Don't pay any Canadian or US taxes on your dividends. To obtain max performance of ERF returns, is to cash them in now. Take your profit or loss. Use the proceeds from your ERF sale and reinvest the proceeds in ERF stock in a self-directed Roth IRA account. Drip all your ERF dividends. You'll avoid both Canadian 15% taxes and US 15% taxes for the rest of your life on both your capital gains and dividend. Such a simple and obvious solution.
In the self directed Roth account, you'll still be able to buy or sell your shares and invest in other stocks if you desire. The only drawback to the Roth is that you have to wait until you're 59 1/2 before you can withdraw your money. But that may represent years and years of tax free capital gains and dividend income.
Think about it, especially if you're a young investor. Tax free capital gains and dividends can compound investment income dramatically over time.
First of all, you are right about having the shares in a self-directed IRA. That's where I have mine and the dividend is dripped. It's great.
The difference between a Roth and Traditional IRA are whether you want the tax benefit now or in the future.
Both have limits that you can contribute in any given year. You can't contribute to a Roth if you make more than x amount of dollars in a given calendar year.
The traditional IRA allows you to take a tax deduction now based on what you contribute and how much income you report.
The Roth is funded with after tax money. When you start to use the money when you retire, it'll be tax-free. For anyone out there looking to open an IRA, open the Roth. It has other benefits as well.
With a Roth, you do not have to start taking distributions at any age. A traditional will require you to in the calendar year after you turn 70.
With a Roth, you can leave it to your kids if you don't use the money.
With a Roth, you can take money out without penalty in special circumstances (i.e. to pay for education, as a down payment to buy a home, etc.)
I had my son open a Roth with Schwab and now I fund it (he hasn't done anything about his retirement).
I'm sure I'm leaving something out about IRAs but a Roth is the way to go for anyone wanting to open one. For those of you with a traditional that you want to convert to a Roth, you probably won't be able to stand the tax hit you'll take,
Rthomas, first of all, let me congratulate you on your foresight of putting your ERF shares into a self directed Roth IRA. As I previously posted, you’ll save yourself 15% on the Canadian tax, 15% on the US dividend tax, and 15% on any capital appreciation that you’ll gain over the years. No taxes for you sir, congratulations.
However, you do make a very wrong assumption about self directed Traditional IRA’s when you post, “The difference between a Roth and Traditional IRA is whether you want the tax benefit now or in the future." A lot of people think that is the case, but it’s not always.
Approximately 50% of retirees, who prudently withdraw a portion of their Traditional IRA savings, will also never pay any taxes to Canada or to the US for dividends/capital gains. But besides paying no taxes on their Traditional IRA, they receive a great tax advantage that Roth IRA holders don’t. Traditional IRA investors can write off up to $13,000 annually, as an adjustment to their Federal income tax return.
This could mean an annual tax savings of up to $3k for each year of their working/contributing life, $3k each year for your working career can add up to a lot of money. Again I emphasize, 50% of these investors will never be taxed a penny on their Traditional IRA, either before the investment or after prudent withdrawals from their Traditional IRA. A lot of investors don’t realize this. But I know this because I’m a trained/tested/volunteer tax preparer who prepares approximately 50-100 returns each year for the elderly.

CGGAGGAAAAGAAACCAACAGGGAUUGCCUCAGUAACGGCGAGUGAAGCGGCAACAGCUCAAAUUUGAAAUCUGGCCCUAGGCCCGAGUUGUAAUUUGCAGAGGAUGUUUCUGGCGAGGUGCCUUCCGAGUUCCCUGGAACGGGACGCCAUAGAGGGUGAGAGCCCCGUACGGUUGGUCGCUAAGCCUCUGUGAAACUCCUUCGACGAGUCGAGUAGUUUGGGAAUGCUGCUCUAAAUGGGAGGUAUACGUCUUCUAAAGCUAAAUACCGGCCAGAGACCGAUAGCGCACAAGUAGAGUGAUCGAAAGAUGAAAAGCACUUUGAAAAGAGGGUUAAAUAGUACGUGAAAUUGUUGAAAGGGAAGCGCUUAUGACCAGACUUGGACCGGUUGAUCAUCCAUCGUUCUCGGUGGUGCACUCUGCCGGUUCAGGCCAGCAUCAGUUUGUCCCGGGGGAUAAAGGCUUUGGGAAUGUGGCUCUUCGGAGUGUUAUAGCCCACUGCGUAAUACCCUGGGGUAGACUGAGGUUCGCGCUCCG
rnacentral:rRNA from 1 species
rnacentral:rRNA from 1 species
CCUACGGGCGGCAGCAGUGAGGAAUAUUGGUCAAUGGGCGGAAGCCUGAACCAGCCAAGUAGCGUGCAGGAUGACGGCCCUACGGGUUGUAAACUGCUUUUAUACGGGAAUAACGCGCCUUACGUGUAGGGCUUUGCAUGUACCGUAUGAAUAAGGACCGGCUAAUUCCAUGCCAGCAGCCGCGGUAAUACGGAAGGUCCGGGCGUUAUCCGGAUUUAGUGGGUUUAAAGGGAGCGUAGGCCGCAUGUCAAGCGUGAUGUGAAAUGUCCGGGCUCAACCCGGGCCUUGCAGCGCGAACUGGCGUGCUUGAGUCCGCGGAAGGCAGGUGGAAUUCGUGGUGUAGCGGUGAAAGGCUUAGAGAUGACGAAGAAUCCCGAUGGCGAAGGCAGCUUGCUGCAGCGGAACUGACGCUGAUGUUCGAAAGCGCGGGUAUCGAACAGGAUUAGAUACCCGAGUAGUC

So, the question is, “How can you invest in a Traditional IRA and still pay no taxes on your withdrawals. Because of the length of the answer to this question, I’ll continue in a response to this post.
There are other great tax advantages to opening up either a Roth or Traditional IRA with ERF shares included in your account.
Both Roth and traditional IRAs qualify for an annual federal 'Savers Tax Credit'. The government pays you for saving for retirement.
There are limits as to how much you can contribute annually to a Roth or Traditional IRA:
1. $5500 if you're single and under 50 years of age, $6500 if you're over 50 years of age.
2. $11,000 if you file Married/Jointly and you're under 50, $13,000 if you're both over 50.
Finally, don't limit yourself to thinking of only about a Roth. The self-directed Traditional IRA has some advantages that a Roth doesn't. The big advantage is that anything you contribute to your Traditional IRA can be subtracted, as an adjustment, from your Federal 'Adjusted Gross Income', for tax purposes. As an example, say that your total income for a given year was $50,000 and you contributed $10,000 to a self directed Traditional IRA, you could subtract that $10k from your income. And your Adjusted Gross Income would be $40k instead of $50k. You'd save approximately $2,000 in taxes in this example.
Whether you're young or old, you need to take advantage of all the tax benefits that self directed Roth/Traditional IRAs offer.
Thanks for so much good information.
One thing I don't like about IRA and ROTH is that people who do not "earned" income cannot contribute part of their capital gains....... I consider this my work, I spent 8 hours a day trading for my own account.....but cannot contribute anything to my "retirement accounts".
Do you know of some way I could contribute to an IRA......other than forming an LLC, becoming an employee of my LLC, and paying myself a salary from my capital gains?